Throughout February, events are being held across the University as part of LGBT+ History Month, which will explore and raise awareness of the experiences of the LGBT+ community.
The Chair of the University’s LGBT+ staff network, Duncan Astle, has explained that ‘LGBT+ History month is our opportunity to celebrate and reflect on our ongoing march towards equality and social justice.’ He further noted that the events will ‘highlight trailblazers and role models, and educate others and ourselves about queer history.’
‘The stories of marginalised groups have the potential to change our view of the present, and provide a fresh perspective on our future,’ Astle continued.
Yesterday evening, a video chat was held by the Clare Hall Equalities Committee to provide a ‘bonding session for LGBT+ students to meet one another’. At 6:30pm this evening the LGBT+ Staff Network will be holding a film night, where they’ll be watching a number of short films listed for the Iris Prize and then will discuss them on Zoom.
From 1-2pm on 15th February, the BAME network and the Cambridge Assessment’s LGBTQAI+ network will be holding a joint event focussing ‘on the intersection of BAME and LGBTQAI+ histories’. To find out more and receive an invite for this event contact Wikramatna.email@example.com.
In the afternoon of the 15th, from 5-6pm, the Christ’s College LGBT+ Society and Christ’s Seeley Society will be holding an event with Cheryl Morgan, the science fiction writer who is also Co-Chair of OutStories Bristol. More information can be found here.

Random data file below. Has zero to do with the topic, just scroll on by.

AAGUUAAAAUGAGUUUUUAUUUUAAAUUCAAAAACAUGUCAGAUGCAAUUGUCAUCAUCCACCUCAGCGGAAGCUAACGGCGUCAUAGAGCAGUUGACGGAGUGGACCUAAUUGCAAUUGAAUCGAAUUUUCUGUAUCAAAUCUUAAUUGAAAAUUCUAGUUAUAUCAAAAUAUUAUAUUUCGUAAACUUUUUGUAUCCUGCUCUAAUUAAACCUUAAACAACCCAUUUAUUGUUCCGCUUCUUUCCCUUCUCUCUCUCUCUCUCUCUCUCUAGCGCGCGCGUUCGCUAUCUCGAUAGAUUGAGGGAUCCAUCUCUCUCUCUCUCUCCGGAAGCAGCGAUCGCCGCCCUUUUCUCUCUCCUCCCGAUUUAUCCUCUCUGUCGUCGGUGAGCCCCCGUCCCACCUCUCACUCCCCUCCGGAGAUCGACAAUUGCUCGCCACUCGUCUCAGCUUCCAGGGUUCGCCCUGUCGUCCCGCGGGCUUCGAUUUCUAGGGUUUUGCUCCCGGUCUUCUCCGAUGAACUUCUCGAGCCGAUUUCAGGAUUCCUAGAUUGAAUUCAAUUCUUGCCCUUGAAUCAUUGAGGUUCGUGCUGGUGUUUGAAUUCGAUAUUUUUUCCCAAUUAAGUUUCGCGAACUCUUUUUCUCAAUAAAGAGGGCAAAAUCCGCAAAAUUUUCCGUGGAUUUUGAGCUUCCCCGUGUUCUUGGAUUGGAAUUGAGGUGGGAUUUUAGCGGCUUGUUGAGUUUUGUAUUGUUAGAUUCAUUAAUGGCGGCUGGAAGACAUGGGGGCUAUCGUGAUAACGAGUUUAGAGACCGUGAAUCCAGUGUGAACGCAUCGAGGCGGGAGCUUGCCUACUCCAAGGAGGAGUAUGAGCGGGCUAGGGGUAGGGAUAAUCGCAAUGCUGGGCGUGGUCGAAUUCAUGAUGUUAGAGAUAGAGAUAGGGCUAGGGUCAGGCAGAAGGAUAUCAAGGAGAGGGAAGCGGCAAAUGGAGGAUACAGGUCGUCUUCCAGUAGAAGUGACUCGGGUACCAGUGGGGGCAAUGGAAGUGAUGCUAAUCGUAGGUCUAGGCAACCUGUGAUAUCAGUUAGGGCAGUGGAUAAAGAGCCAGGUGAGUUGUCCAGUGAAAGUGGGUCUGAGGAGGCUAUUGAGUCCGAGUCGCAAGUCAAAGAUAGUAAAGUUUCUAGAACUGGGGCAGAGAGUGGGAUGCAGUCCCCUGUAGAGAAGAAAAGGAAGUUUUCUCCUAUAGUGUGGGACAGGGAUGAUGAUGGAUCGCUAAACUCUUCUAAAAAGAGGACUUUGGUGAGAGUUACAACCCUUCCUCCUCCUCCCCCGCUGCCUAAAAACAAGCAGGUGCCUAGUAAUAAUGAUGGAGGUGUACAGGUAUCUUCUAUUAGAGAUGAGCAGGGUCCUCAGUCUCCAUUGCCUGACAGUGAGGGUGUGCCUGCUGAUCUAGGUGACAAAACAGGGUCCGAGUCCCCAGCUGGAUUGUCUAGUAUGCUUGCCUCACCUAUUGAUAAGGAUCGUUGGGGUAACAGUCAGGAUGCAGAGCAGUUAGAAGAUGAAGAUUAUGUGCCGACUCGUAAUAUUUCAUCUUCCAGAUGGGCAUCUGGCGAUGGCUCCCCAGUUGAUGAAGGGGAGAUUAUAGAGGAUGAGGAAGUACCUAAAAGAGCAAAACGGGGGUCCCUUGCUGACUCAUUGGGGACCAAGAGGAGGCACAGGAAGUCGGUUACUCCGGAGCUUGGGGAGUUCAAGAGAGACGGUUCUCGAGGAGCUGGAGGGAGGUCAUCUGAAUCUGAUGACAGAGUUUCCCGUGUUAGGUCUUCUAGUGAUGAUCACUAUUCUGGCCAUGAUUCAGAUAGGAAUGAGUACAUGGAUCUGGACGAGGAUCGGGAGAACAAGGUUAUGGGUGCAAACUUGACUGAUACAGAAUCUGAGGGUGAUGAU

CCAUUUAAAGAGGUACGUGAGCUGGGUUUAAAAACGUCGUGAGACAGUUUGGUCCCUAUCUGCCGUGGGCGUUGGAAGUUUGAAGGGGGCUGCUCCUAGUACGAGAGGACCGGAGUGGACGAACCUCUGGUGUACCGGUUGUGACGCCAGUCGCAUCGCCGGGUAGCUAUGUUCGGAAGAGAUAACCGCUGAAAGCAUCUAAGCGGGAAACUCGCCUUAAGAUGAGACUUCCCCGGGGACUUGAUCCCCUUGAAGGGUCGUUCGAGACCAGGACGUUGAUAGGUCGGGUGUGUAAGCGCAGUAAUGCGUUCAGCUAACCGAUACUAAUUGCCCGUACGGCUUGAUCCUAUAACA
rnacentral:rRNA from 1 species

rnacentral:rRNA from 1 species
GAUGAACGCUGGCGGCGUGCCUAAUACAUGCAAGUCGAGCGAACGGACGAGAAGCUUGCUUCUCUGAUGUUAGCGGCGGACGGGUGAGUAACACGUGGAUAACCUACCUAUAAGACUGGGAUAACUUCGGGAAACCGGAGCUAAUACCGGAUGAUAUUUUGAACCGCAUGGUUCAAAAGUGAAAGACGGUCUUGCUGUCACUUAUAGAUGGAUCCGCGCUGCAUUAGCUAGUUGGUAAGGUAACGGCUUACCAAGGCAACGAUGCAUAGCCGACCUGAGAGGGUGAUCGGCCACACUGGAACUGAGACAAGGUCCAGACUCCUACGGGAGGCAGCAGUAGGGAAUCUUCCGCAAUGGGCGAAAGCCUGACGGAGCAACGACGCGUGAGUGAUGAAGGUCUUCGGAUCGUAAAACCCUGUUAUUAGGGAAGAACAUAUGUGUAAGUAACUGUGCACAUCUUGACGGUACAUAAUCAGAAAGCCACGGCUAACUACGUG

The Department of Archaeology and the University’s Archaeological Field Club will be holding their annual Queer(y)ing the Past event on the 18th. In this event, a series of short talks ‘will explore the topics of sexuality and gender in the past’, such as one by Dr Sophus Helle considering the question, ‘What would a Queer Philology Entail?’
On the 23rd the UL’s reading group, ‘The Really Popular Book Club’, will be discussing Ali Smith’s Girl Meets Boy and, on the 24th, Dr Caroline Gonda will deliver a talk entitled ‘Anne Damer’s Place in Queer History’.
The University’s LGBT+ History Month Lecture will take place on the 25th at 6pm. The guest speakers will be Dr Richard McKay and PhD student George Severs, who will consider the story behind the new TV programme It’s A Sin. They will ‘explore gay men’s sexual health in the decades running up to the emergence of the disease and find out how HIV/AIDS sparked a dramatic new wave of activism.’
After attending this lecture, you can (virtually) attend a Night Songs service being held by St Catherine’s College chapel at 9:30pm. This ‘will feature music and poetry chosen by LGBT+ members of the St Catherine’s community.’
If you are currently in Cambridge you can also go on an audio trail, which ‘reveals the people and place that have shaped queer life in the city’.
The University’s LGBT+ Equality Champion, Professor Andrew Webber, has explained that these events ‘give the opportunity to recognise that present realities for many LGBT+ people around the world are still marked by the kind of fear and injury that we might like to think belong to the past.’
A number of colleges, including Clare Hall, Gonville & Caius, Churchill, Wolfson, and Girton, have announced that they are flying the LGBTQ+ Progress Flag this month. The Clare Hall Equalities team have explained that ‘while retaining the common six-stripe rainbow design as a base, the Progress variation adds a chevron along the hoist that features black, brown, light blue, pink, and white stripes to bring those communities (marginalised people of colour, trans individuals, and those living with HIV/AIDS and those who have been lost) to the forefront.’